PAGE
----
MINNEAPOLIS -- The Murphy family remembers what it was like sitting around with Tony Oliva and his family as Oliva waited to hear his Hall of Fame fate three years ago.
Oliva was eligible to be voted into the Hall of Fame via the 16-member Golden Era Committee, and needed 12 votes to qualify. Oliva, though, fell four votes shy of election, with former Cubs legend Ron Santo the only one elected.
The Murphy family had tried to rally support with the creation of the "Vote Tony O" campaign shortly before the election, but it was still just a minor undertaking. So when they heard Oliva say he felt like he let down his fans by not making the Hall of Fame, they decided to act and devote more time and resources toward the campaign.
So with Oliva now eligible as a Golden Era candidate three years later, the "Vote Tony O" campaign has grown into an impressive licensed non-profit corporation that has helped send more than 14,000 letters and postcards to the 16 members of the Golden Era Committee to urge it to take a closer look at Oliva's Hall of Fame case. The committee's results will be released on Monday, with 10 other candidates on the ballot, including Oliva's former teammates Jim Kaat and Luis Tiant.
"Back when they decided not to put him in the Hall of Fame, it was devastating," said Mike Murphy, who helped found the Tony O foundation along with his brother, Dan, and niece, Erin. "And it was devastating, not because Tony feels like it's a right he belongs in there, it was devastating because his first concern was that he let his fans down. But really he didn't let anyone down. His numbers haven't changed since 1976. But that's just the way he thinks."
The Murphy family first became close with the Olivas after becoming neighbors roughly 10 years ago. Mike Murphy said he'll never forget the time he first met Oliva shortly after Dan moved in across the street from Oliva.
Murphy had briefly exchanged pleasantries with the former Twins star at various baseball trade shows over the years, but the first time he really met Oliva and his family came when Murphy's nephew was assigned a report at school and chose Oliva as his subject.
The two made the short trek to Oliva's house to knock on the door and ask for a brief interview. Oliva welcomed them both in with open arms, and it helped forge a friendship between the Oliva family and Murphy family.
"I got to know the Olivas, and when you get to know the Olivas, you're family," Murphy said.
So with the two families forging a friendship, the "Vote Tony O" campaign really started in earnest shortly after the 2011 election that saw Oliva fall just four votes short. It's continued to grow over the years, as there are now nearly 4,000 people involved with the campaign, including 25 who meet regularly to help organize it.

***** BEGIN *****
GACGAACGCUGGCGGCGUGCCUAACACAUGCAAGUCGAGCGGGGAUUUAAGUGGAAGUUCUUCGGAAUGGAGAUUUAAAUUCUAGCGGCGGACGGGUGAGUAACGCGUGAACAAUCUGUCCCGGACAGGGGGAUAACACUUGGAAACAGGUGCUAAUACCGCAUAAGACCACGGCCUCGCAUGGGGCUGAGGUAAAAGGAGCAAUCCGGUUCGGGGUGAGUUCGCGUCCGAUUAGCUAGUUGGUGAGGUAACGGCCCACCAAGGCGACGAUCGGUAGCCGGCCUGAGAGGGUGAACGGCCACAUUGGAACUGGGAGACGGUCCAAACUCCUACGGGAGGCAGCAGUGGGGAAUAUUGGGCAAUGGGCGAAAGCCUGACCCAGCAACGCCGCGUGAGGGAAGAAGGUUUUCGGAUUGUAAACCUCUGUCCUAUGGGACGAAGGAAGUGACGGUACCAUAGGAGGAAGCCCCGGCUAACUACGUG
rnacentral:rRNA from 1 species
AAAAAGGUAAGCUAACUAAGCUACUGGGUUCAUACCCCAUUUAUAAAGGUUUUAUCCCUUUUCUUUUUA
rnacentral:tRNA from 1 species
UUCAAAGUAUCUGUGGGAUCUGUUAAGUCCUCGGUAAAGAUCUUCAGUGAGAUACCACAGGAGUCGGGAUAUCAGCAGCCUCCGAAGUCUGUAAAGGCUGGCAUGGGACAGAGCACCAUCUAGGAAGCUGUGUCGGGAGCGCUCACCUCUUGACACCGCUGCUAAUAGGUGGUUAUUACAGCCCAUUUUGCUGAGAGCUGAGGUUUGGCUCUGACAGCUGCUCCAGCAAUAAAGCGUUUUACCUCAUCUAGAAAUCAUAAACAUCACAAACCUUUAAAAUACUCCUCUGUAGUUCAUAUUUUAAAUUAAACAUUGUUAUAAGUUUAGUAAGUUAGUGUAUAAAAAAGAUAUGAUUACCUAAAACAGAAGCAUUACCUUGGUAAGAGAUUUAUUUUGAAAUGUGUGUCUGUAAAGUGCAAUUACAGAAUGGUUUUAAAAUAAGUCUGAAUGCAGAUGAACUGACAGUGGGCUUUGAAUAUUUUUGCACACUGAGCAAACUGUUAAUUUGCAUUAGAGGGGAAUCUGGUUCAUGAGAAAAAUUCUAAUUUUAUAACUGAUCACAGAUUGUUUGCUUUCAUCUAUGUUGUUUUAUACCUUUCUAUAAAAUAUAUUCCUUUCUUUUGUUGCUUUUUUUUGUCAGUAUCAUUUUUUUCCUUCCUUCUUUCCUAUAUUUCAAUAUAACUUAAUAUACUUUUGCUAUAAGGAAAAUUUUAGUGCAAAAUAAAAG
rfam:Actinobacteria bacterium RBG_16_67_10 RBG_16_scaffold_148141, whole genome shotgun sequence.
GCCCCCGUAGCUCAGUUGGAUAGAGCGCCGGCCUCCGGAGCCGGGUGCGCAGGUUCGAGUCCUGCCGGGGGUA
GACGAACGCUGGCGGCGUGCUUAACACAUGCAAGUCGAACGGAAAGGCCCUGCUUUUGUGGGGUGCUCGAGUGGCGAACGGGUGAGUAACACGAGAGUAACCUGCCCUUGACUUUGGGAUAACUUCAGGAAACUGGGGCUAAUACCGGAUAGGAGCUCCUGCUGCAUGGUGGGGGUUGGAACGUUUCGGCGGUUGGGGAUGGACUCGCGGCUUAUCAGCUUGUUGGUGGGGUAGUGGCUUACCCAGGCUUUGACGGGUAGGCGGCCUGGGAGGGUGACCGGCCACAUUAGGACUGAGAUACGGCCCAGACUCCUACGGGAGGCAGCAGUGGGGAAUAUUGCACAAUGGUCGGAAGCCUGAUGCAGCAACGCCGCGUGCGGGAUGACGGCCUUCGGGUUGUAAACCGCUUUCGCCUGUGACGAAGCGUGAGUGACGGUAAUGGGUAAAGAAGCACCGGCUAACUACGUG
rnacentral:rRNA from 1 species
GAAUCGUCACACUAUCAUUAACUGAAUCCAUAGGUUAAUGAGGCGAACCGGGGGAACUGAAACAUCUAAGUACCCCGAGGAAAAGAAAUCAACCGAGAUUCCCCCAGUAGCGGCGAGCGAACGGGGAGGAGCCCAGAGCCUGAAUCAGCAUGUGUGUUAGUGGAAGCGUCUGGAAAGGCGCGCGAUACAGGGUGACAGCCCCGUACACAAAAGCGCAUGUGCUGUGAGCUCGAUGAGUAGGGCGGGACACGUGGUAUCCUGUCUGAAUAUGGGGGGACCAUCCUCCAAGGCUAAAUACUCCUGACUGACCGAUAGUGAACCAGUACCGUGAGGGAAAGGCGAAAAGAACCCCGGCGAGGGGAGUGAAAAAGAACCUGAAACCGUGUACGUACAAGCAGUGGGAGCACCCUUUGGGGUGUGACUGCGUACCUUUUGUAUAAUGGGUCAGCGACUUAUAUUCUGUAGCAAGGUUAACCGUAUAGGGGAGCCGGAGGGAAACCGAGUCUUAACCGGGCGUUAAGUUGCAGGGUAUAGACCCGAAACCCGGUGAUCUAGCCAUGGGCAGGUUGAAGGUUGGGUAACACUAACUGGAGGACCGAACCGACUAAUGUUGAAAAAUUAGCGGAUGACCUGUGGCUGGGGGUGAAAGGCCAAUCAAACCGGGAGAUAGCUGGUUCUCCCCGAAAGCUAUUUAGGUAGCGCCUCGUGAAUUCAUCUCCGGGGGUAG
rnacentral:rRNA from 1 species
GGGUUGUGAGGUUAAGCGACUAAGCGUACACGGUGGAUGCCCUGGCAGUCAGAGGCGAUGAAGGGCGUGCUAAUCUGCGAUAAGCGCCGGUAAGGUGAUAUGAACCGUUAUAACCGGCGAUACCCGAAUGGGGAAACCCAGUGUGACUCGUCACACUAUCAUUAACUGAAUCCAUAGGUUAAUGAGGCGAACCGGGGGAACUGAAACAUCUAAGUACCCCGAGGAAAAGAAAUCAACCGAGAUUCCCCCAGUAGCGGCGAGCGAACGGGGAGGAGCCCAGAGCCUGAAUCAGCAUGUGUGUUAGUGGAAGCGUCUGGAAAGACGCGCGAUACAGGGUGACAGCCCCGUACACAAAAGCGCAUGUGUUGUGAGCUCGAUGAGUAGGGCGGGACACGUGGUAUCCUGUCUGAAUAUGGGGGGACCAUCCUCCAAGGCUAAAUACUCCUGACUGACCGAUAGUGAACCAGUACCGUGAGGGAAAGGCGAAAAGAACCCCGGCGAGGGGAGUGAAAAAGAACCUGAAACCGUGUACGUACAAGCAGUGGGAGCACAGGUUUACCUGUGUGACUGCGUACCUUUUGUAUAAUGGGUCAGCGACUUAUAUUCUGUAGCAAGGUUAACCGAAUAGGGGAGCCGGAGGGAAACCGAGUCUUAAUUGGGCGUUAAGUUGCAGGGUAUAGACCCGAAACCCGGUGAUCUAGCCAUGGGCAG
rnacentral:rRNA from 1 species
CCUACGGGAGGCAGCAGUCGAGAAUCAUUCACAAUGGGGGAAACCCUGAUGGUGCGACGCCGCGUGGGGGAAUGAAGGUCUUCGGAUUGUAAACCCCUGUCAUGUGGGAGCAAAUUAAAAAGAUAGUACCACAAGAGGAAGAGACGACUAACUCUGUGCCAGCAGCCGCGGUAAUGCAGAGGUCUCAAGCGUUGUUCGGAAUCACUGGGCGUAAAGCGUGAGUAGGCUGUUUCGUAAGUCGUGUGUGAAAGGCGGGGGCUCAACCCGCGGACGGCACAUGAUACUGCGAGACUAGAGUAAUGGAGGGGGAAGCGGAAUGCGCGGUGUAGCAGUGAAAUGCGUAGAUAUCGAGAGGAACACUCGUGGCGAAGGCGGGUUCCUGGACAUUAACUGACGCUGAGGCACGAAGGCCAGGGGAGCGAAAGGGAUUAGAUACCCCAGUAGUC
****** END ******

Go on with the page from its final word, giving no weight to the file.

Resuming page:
The campaign's website, VoteTonyO.com, allows fans to find out more information on Oliva, including the address for the Golden Era Veterans Committee to send letters and postcards. Fans can also donate to the cause or purchase "Vote Tony O" merchandise such as shirts and caps.
In addition to the letters and postcards fans send, the "Vote Tony O" campaign also created a coffee table book full of Oliva's pertinent statistics and quotes from various Hall of Famers and baseball legends about Oliva. The books were sent out to the committee's 16 members, which includes eight Hall of Famers, four baseball executives and four baseball historians/writers.
"We collected stuff from people he played against, former Twins and Hall of Famers and put that together in a book form," Murphy said. "We just want them to give him a look. If they decide to vote no, that's OK, but we've at least made them aware, which is the big goal."
Oliva, 76, was one of the best hitters in baseball during his 15-year career with the Twins, but suffered from knee injuries that ultimately cut his career short and hurt his Hall of Fame chances. But Oliva was a career .304/.353/.476 hitter with 220 homers, 329 doubles and 947 RBIs in 1,676 games. He was an All-Star for eight straight seasons from 1964-1971, while winning three batting titles in '64, 65 and '71. He won the AL Rookie of the Year Award in '64 and became the first player to win a batting title in each of his first two seasons.
Since his retirement after the '76 season, Oliva has remained active with the Twins, serving in various roles, such as serving as a special instructor in Spring Training and being an ambassador for the club's various charity efforts.
So while Oliva is ready to handle whatever decision comes on Monday, the Murphy family is just happy it was able to do its part.
"Some are going to be predispositioned to vote yes and some are predispositioned to vote no, but we're trying to get all of them to take another look at the numbers and illustrate who this guy is," Murphy said. "He's an incredible baseball player and an incredible man. So our goal was to show what kind of ballplayer he was and what kind of person he is."